Date: Mon, 7 Oct 1996 16:41:11 -0400

From: "Dennis R. Preston" preston[AT SYMBOL GOES HERE]PILOT.MSU.EDU

Subject: Re: drop off


You're right about the Germanness of the 'come with'; my Milwaukee wife has

it solidly.

Any number of things you seem to be able to rather freely delete in

'transitive' object position, I can't. Smells like age to me (since it

can't hardly be prescriptivism on my part). I hope to get a student to play

with this. Since the minimalists tell us all the grammar is in the lexicon,

it ought to be easy to show generationally.



( Dennis-

Now I find myself flipping through the entire lexicon trying to figure out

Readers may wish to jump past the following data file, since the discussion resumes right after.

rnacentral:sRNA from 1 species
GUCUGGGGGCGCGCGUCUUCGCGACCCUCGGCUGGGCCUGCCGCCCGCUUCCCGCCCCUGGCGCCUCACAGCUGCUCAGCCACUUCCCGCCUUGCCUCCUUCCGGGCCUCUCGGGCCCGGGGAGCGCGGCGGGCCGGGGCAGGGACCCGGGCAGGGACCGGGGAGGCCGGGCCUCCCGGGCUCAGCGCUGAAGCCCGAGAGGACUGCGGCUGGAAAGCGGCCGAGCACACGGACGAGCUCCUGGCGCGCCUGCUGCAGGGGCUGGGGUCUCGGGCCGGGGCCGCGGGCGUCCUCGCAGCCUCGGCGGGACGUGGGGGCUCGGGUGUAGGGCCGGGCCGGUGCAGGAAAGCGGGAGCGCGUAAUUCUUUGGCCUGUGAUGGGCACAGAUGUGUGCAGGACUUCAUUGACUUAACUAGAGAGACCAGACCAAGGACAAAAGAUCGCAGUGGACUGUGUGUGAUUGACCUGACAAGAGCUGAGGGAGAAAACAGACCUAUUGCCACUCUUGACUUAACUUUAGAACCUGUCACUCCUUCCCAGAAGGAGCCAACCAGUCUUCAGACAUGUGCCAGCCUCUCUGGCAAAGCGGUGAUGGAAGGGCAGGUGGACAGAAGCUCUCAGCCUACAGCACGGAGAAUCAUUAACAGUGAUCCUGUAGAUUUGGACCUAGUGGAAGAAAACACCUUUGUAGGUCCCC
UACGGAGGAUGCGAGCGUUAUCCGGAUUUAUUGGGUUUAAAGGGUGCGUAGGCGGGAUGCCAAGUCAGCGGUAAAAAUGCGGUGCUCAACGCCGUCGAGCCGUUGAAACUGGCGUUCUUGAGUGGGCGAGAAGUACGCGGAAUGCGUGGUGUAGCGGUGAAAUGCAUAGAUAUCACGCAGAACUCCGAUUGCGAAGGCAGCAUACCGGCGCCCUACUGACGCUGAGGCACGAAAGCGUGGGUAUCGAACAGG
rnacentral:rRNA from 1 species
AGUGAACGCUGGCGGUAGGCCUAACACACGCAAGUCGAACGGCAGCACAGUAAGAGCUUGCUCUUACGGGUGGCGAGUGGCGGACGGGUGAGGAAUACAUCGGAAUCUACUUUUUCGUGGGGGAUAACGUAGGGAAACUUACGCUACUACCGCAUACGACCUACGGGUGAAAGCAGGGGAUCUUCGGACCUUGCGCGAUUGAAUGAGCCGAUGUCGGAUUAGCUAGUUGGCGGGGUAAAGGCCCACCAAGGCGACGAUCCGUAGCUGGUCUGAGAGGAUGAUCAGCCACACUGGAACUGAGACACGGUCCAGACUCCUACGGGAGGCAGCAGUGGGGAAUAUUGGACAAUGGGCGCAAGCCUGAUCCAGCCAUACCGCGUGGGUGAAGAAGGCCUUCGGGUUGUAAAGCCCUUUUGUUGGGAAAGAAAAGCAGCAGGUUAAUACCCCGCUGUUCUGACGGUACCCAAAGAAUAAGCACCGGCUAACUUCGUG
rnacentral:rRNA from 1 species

what I can and can't say... take off, take down, put off, put down, get down,

pipe down... You ask about:

the parent would be expected to drop off and go back home

When I think about it, I would normally say "Drop them off" but I guess

intransitive "drop off," though not the usual construction, is comparable to

pick up:

When shall I pick them up?

What time is pick up?

When shall I pick up?

None of which get the asterisk for me.

However, in a different construction, I've got a friend from California who

makes me shudder every time she says:

Do your kids want to come with?

Where I would say,

Do they want to come with us?

Maybe German influence from mitkommen- Kommen die Kinder mit?

Also consider...To everything there is a season...A time to drop off and a

time to pick up.

Dale Coye

Princeton, NJ

Dennis R. Preston

Department of Linguistics and Languages

Michigan State University

East Lansing MI 48824-1027 USA


Office: (517)432-1235

Fax: (517)432-2736